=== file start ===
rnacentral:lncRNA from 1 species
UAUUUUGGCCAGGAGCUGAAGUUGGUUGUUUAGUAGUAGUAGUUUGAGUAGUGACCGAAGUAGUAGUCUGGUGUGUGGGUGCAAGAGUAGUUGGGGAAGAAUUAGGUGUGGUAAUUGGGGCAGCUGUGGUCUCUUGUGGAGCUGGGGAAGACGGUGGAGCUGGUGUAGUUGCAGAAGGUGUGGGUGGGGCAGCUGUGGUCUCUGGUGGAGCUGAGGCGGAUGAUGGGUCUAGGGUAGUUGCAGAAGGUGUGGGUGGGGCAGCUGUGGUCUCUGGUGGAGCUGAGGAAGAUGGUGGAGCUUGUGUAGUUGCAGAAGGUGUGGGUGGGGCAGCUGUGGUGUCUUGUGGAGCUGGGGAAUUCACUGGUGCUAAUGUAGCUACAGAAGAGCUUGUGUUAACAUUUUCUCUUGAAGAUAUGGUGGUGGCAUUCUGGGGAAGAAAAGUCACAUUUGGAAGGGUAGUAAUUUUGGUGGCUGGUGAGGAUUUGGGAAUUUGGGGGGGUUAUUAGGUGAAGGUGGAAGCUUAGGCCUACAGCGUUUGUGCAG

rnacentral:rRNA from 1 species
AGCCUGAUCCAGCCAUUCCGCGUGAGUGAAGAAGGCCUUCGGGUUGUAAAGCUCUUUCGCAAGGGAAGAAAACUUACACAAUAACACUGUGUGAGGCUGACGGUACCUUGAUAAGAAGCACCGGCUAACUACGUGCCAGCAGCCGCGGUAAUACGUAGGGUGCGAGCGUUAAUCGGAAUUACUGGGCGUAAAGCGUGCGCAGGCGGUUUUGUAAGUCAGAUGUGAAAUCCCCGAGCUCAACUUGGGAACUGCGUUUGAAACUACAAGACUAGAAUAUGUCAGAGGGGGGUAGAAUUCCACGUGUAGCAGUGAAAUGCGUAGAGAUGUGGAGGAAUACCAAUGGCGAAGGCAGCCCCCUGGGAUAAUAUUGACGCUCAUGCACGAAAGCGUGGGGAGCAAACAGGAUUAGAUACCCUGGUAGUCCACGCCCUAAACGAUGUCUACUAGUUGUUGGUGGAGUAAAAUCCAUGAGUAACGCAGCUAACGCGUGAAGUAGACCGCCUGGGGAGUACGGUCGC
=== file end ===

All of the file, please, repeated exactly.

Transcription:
rnacentral:lncRNA from 1 species
UAUUUUGGCCAGGAGCUGAAGUUGGUUGUUUAGUAGUAGUAGUUUGAGUAGUGACCGAAGUAGUAGUCUGGUGUGUGGGUGCAAGAGUAGUUGGGGAAGAAUUAGGUGUGGUAAUUGGGGCAGCUGUGGUCUCUUGUGGAGCUGGGGAAGACGGUGGAGCUGGUGUAGUUGCAGAAGGUGUGGGUGGGGCAGCUGUGGUCUCUGGUGGAGCUGAGGCGGAUGAUGGGUCUAGGGUAGUUGCAGAAGGUGUGGGUGGGGCAGCUGUGGUCUCUGGUGGAGCUGAGGAAGAUGGUGGAGCUUGUGUAGUUGCAGAAGGUGUGGGUGGGGCAGCUGUGGUGUCUUGUGGAGCUGGGGAAUUCACUGGUGCUAAUGUAGCUACAGAAGAGCUUGUGUUAACAUUUUCUCUUGAAGAUAUGGUGGUGGCAUUCUGGGGAAGAAAAGUCACAUUUGGAAGGGUAGUAAUUUUGGUGGCUGGUGAGGAUUUGGGAAUUUGGGGGGGUUAUUAGGUGAAGGUGGAAGCUUAGGCCUACAGCGUUUGUGCAG

rnacentral:rRNA from 1 species
AGCCUGAUCCAGCCAUUCCGCGUGAGUGAAGAAGGCCUUCGGGUUGUAAAGCUCUUUCGCAAGGGAAGAAAACUUACACAAUAACACUGUGUGAGGCUGACGGUACCUUGAUAAGAAGCACCGGCUAACUACGUGCCAGCAGCCGCGGUAAUACGUAGGGUGCGAGCGUUAAUCGGAAUUACUGGGCGUAAAGCGUGCGCAGGCGGUUUUGUAAGUCAGAUGUGAAAUCCCCGAGCUCAACUUGGGAACUGCGUUUGAAACUACAAGACUAGAAUAUGUCAGAGGGGGGUAGAAUUCCACGUGUAGCAGUGAAAUGCGUAGAGAUGUGGAGGAAUACCAAUGGCGAAGGCAGCCCCCUGGGAUAAUAUUGACGCUCAUGCACGAAAGCGUGGGGAGCAAACAGGAUUAGAUACCCUGGUAGUCCACGCCCUAAACGAUGUCUACUAGUUGUUGGUGGAGUAAAAUCCAUGAGUAACGCAGCUAACGCGUGAAGUAGACCGCCUGGGGAGUACGGUCGC